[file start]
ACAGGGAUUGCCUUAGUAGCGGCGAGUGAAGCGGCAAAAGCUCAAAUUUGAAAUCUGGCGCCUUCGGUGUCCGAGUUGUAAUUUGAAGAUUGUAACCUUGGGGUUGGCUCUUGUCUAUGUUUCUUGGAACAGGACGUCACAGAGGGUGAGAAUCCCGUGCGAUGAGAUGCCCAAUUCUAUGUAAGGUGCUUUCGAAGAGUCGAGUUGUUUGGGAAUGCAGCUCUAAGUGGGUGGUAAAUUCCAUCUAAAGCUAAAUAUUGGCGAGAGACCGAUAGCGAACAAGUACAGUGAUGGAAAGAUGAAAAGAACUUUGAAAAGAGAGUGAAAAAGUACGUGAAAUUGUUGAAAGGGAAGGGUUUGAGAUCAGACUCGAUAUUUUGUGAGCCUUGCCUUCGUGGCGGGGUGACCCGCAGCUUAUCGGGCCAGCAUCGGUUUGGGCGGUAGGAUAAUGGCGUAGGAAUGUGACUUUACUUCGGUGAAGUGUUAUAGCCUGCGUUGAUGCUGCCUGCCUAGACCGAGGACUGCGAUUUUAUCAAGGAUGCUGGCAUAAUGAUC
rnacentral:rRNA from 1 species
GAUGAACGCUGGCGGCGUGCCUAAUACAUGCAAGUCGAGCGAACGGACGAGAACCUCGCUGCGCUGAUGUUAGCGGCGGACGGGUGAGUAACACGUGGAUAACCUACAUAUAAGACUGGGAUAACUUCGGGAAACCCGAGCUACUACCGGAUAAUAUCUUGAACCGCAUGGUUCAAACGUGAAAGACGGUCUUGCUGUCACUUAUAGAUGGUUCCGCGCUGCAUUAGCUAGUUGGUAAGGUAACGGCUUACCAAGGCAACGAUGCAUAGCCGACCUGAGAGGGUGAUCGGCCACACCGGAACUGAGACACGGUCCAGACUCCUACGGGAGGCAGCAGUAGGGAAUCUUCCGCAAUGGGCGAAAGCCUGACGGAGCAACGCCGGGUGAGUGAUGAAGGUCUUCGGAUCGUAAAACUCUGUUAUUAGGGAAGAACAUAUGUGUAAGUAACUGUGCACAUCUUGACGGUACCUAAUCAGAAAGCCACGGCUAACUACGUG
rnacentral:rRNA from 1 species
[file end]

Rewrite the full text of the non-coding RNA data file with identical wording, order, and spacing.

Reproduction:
ACAGGGAUUGCCUUAGUAGCGGCGAGUGAAGCGGCAAAAGCUCAAAUUUGAAAUCUGGCGCCUUCGGUGUCCGAGUUGUAAUUUGAAGAUUGUAACCUUGGGGUUGGCUCUUGUCUAUGUUUCUUGGAACAGGACGUCACAGAGGGUGAGAAUCCCGUGCGAUGAGAUGCCCAAUUCUAUGUAAGGUGCUUUCGAAGAGUCGAGUUGUUUGGGAAUGCAGCUCUAAGUGGGUGGUAAAUUCCAUCUAAAGCUAAAUAUUGGCGAGAGACCGAUAGCGAACAAGUACAGUGAUGGAAAGAUGAAAAGAACUUUGAAAAGAGAGUGAAAAAGUACGUGAAAUUGUUGAAAGGGAAGGGUUUGAGAUCAGACUCGAUAUUUUGUGAGCCUUGCCUUCGUGGCGGGGUGACCCGCAGCUUAUCGGGCCAGCAUCGGUUUGGGCGGUAGGAUAAUGGCGUAGGAAUGUGACUUUACUUCGGUGAAGUGUUAUAGCCUGCGUUGAUGCUGCCUGCCUAGACCGAGGACUGCGAUUUUAUCAAGGAUGCUGGCAUAAUGAUC
rnacentral:rRNA from 1 species
GAUGAACGCUGGCGGCGUGCCUAAUACAUGCAAGUCGAGCGAACGGACGAGAACCUCGCUGCGCUGAUGUUAGCGGCGGACGGGUGAGUAACACGUGGAUAACCUACAUAUAAGACUGGGAUAACUUCGGGAAACCCGAGCUACUACCGGAUAAUAUCUUGAACCGCAUGGUUCAAACGUGAAAGACGGUCUUGCUGUCACUUAUAGAUGGUUCCGCGCUGCAUUAGCUAGUUGGUAAGGUAACGGCUUACCAAGGCAACGAUGCAUAGCCGACCUGAGAGGGUGAUCGGCCACACCGGAACUGAGACACGGUCCAGACUCCUACGGGAGGCAGCAGUAGGGAAUCUUCCGCAAUGGGCGAAAGCCUGACGGAGCAACGCCGGGUGAGUGAUGAAGGUCUUCGGAUCGUAAAACUCUGUUAUUAGGGAAGAACAUAUGUGUAAGUAACUGUGCACAUCUUGACGGUACCUAAUCAGAAAGCCACGGCUAACUACGUG
rnacentral:rRNA from 1 species